There are two weeks remaining before the final New York State budget is due.
And there are two gaming items — downstate casino licenses and minority/online sports betting expansion — that are generating momentum prior to the April 1 deadline.
“We’re looking at New York being perceived differently as a gaming destination,” Sen. Joe Addabbo said Friday.
Still, there are hurdles to overcome as budget negotiations start to ratchet up.
Obstacles remain before finalization of NY state budget
The potential $1 billion licensing fee and 45% tax rate on slots for the three downstate casino licenses in the Senate one-house budget proposal caused a stir in the industry.
Addabbo, though, urged everyone to “relax.”
“Let the process dictate the value,” he said.
Market access is extremely valuable in New York, meaning three entities could conceivably give the state 10 figures each for a coveted license. Alternatively, the fee could settle somewhere between $1 billion and the $500 million estimated by Spectrum in the state-commissioned study from January 2021. It’s also conceivable that — like with the upstate casinos — the tax rate is different depending on location. Tioga Downs and del Lago pay 37% on slots, for example, while Rivers and Resorts World pay 30%.
At this point, everything is still TBD. Gov. Kathy Hochul included the downstate casino licenses in her January proposal, but the Assembly rejected it outright.
There are also potential siting issues. Existing video lottery terminals (VLTs) Resorts World NYC and MGM Empire City will have to go through the competitive process just like everyone else, but could have the inside track given speed to market. Manhattan is certainly a hotspot for new construction. But there is expected to be significant opposition on that front. Local input will be crucial.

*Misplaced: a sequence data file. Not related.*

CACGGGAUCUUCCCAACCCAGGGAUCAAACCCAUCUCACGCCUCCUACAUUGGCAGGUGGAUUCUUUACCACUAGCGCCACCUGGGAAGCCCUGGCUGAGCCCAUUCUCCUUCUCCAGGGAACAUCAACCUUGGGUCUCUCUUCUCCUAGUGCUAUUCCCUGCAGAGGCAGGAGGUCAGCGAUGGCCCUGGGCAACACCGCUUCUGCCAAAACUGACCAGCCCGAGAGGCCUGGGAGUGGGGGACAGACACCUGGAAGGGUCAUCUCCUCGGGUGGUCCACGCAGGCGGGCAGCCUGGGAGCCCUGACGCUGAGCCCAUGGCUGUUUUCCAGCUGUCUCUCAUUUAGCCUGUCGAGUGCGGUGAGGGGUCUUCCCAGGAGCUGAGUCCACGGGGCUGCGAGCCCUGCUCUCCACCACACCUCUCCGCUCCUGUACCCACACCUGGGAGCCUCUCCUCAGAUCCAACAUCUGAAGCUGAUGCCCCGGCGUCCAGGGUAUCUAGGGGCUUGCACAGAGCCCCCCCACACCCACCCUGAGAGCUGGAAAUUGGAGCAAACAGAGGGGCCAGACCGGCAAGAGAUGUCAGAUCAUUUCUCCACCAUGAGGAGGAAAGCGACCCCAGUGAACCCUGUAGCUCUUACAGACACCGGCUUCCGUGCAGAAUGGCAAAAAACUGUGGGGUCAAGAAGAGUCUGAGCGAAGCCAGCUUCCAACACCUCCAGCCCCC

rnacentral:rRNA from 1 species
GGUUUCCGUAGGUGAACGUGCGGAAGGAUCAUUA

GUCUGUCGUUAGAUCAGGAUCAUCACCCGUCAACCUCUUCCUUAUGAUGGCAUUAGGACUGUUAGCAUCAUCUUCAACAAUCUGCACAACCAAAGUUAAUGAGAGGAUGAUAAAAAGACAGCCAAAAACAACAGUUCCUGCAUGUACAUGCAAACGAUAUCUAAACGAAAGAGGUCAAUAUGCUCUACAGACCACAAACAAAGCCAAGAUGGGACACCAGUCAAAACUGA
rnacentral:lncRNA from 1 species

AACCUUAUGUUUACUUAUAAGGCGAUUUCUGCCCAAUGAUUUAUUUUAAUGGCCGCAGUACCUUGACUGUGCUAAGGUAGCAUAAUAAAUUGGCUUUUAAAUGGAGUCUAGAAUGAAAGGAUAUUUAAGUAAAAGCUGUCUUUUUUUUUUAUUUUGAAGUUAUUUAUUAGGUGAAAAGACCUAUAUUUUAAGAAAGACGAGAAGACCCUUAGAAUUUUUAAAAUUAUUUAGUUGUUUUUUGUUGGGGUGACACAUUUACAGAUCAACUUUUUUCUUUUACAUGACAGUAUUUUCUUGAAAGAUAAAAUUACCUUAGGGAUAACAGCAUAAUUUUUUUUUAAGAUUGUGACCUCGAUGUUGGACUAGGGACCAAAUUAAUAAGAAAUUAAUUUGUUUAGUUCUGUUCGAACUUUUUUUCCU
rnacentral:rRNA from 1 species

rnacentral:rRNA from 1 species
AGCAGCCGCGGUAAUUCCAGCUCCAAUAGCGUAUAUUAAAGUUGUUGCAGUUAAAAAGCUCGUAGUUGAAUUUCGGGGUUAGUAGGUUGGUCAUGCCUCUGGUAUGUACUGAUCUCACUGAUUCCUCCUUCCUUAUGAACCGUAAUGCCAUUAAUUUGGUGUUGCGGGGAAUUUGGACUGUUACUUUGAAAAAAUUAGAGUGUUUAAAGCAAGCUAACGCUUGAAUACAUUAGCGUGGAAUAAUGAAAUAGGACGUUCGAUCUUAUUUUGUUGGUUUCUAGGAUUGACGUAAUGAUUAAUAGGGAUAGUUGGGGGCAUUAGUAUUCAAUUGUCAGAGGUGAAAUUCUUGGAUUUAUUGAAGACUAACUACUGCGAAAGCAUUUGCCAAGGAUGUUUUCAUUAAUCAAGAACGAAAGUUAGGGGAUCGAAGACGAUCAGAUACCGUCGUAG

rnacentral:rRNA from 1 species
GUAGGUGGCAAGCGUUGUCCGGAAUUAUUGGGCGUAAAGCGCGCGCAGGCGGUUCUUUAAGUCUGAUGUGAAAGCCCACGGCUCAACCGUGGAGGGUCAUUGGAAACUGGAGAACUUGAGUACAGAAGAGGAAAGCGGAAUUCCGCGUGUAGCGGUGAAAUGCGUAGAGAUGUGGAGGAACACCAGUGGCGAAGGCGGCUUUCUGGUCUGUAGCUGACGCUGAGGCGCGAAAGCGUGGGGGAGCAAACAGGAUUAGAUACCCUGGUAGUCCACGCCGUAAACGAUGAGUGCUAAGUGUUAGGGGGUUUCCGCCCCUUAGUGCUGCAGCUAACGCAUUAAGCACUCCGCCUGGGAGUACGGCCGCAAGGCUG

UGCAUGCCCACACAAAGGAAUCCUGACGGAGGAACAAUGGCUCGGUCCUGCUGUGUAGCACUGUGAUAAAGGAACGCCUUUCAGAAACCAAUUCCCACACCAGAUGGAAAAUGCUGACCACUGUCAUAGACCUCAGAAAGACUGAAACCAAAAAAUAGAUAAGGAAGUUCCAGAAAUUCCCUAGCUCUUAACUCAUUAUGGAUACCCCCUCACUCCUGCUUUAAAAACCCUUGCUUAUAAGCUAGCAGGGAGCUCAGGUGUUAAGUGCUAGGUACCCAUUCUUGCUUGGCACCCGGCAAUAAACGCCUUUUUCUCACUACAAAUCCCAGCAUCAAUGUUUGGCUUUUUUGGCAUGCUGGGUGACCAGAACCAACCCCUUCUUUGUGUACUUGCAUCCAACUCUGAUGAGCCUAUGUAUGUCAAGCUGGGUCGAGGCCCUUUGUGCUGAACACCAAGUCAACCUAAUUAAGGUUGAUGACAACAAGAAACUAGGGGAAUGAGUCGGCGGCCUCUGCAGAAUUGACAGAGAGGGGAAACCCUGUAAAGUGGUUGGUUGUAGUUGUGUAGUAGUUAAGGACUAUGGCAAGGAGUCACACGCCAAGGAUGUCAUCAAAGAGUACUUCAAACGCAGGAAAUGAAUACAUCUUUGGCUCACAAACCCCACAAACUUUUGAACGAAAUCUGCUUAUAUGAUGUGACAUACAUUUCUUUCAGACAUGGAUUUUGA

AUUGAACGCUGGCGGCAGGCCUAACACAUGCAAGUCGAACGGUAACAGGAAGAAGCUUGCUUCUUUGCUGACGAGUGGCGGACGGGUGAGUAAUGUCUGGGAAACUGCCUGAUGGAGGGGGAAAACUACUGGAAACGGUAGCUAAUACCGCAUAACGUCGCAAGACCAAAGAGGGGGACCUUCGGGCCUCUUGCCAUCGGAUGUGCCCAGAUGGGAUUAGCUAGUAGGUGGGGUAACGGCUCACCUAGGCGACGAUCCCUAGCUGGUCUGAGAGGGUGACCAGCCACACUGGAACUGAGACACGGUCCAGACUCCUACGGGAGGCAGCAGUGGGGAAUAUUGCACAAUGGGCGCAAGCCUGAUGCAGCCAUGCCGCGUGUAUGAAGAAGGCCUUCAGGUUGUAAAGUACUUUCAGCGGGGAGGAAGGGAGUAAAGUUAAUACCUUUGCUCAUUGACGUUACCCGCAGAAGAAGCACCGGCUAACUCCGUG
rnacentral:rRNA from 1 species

“I think it’s something we can address,” Addabbo said.
Could NY sports betting expand? What about NY online casinos?
As far as minority/online sports betting operator expansion goes, the 51% tax rate is still the biggest concern. The Senate one-house budget proposal didn’t include a reduction.
“Does the expansion equate to a reduction in the tax rate? And if it does and there’s a reduction in educational funds, then forget it,” Addabbo said. “We’re not going to do it because why would we do that? Our version does not reduce the tax rate. Let’s have the analysts look at this. I think it’s a great way to start the conversation. That’s what the next two weeks are for. Let’s see.”
Expansion of online NY sports betting in the form of fixed-odds horse racing and NASCAR on the apps might have to turn into standalone post-budget legislation prior to session ending in June. The same goes for kiosks being placed at stadiums, arenas and racetracks. As for New York online casinos, that topic may have to become a featured item for next year’s budget.
“Our role is to keep making this product more competitive and better for New Yorkers,” Addabbo said. “I love the fact that we’re already thinking about how to improve an online sports betting product that’s already successful, and we’re only 2 1/2 months in.”